Topic - Families

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We've gathered Psychotherapy Networkers most popular posts and arranged them here by topic.

The Art of Facing an Impossible Task

A Social Worker Finds Inspiration in a Father-Daughter Memory

Hope Payson

By Hope Payson - When I was about 10 years old, I climbed into the cab of my father's truck to join him for an evening of snowplowing. I basked in the rare opportunity to be alone with a man I didn't know well. Decades later at work, I recall that snowplow ride. I'm sitting across from a human blizzard of a woman—someone barely two steps away from drugs that have buried her family alive.

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When Jailers are Prisoners, and Prisoners are Jailers

Salvador Minuchin on Helping Families Redefine Their Stories

Salvador Minuchin

By Salvador Minuchin - In most cases when a child carries a problem, the goal of family therapy focuses on transferring the ownership of the symptom from the intrapsychic machinery of the child to the interpersonal drama of parents and child affecting each other.

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The Ride Home

A Special Feature from Our Family Matters Department

David Treadway

By David Treadway - With his father's help, a young therapist contemplates the biggest gamble of his life.

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VIDEO: Combining Trauma Treatment with Family Therapy

Making Sure Treatment Sticks Outside the Therapy Room

Mary Jo Barrett

Far too often, trauma survivors appear to progress in therapy and then go home and fall right back into the same old patterns of negative emotion and dysfunctional relationships. According to Mary Jo Barrett, author of Treating Complex Trauma, a client’s family can be the therapist’s biggest ally in making sure progress is sustained outside the consulting room. Still, she says, many clinicians overlook how family therapy can support recovery.

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Intimate Enemies

A Stepson Reconsiders a Long-Held Resentment

Barry Jacobs

By Barry Jacobs - A lot of blended families don’t really blend: the new “relatives” at first try to join together, but then they quietly distance themselves, however awkwardly, as differences and conflicts emerge, even as they try to pretend otherwise. My stepfather, Steve, and I made no such pretense—we were enemies from the start.

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What Really Gets Handed Down in a Family?

A Personal Essay from our Family Matters Department

Roberta Israeloff

By Roberta Israeloff - Our son was 30, the new girlfriend just a few years younger. They continued to date. She was funny and smart. They moved in together. “Is there some kind of family ring?” my son finally asked. Soon after, my mother-in-law took a turn for the worse. She wouldn’t get out of bed in the rehab center, and she’d lie instead curled up like a fetus. When we’d call, all she’d want to talk about were her things: her dishes and cups, jewelry, and the gifts and mementos she’d accrued over her lifetime. “Every single one of them has a story,” she’d say.

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Are You a "Permaparent"?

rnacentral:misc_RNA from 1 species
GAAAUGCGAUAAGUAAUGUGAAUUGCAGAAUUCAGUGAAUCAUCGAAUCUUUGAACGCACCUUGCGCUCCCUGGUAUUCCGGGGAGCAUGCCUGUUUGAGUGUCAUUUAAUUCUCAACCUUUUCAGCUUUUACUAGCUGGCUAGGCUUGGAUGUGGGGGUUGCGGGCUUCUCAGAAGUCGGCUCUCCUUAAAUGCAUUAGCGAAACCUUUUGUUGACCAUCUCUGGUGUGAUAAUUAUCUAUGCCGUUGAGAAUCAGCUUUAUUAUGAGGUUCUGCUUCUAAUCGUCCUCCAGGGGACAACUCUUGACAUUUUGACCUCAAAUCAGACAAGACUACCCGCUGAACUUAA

Your Adult Child Just Moved Back Home. But Is It Normal?

Martha Straus

By Martha Straus - Today, about 25 million young adults between between 18 and 34 are currently residing with their parents. In its basic form, this story holds that most emerging adults still living at home are wretched, entitled, or manipulative. But the new bungee family offers emerging adults---and our fragmented social fabric---a healing alternative, one that's injecting the best social capital available into the human mix.

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Promoting Positive Caregiving

Helping Clients Escape Negative Cycles in Caring for Aging Parents

Barry Jacobs

By Barry Jacobs and Julia Mayer - The bedraggled, beleaguered, and bereft family caregivers who come to us for therapy have a common litany of complaints. They feel overburdened by caregiving tasks, unacknowledged by those they’re caring for, and unsupported by family members who take their herculean efforts for granted. Here's how to help them approach the caregiving experience more positively.

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Creating Therapeutic Changes That Last

Why Changing Clients' Habits is Key to Making Therapy Stick

Steven Stosny

By Steven Stosny - With the exception of saints and literary characters, enduring change rarely happens as the result of being knocked off our feet by a spiritual or psychological whack upside the head. Perdurable change is gradual and mundane. It occurs by extending, supplementing, and altering the habits that shape perspectives and drive behavior. First comes the hard work; then comes the epiphany.

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The Remarriage Triangle

Working with Later-Life Recouplers and their Grown Children

Patricia Papernow

By Patricia Papernow -  Later-life recoupled families are appearing more and more often in therapists’ offices. Although divorce rates have dwindled in the United States over the last two decades, they’re soaring among people over 50, along with rates of remarriage. However, these later-life recouplers face many of the same challenges that younger stepfamilies do, complicated by the long-standing networks of relationships that come with this life stage.

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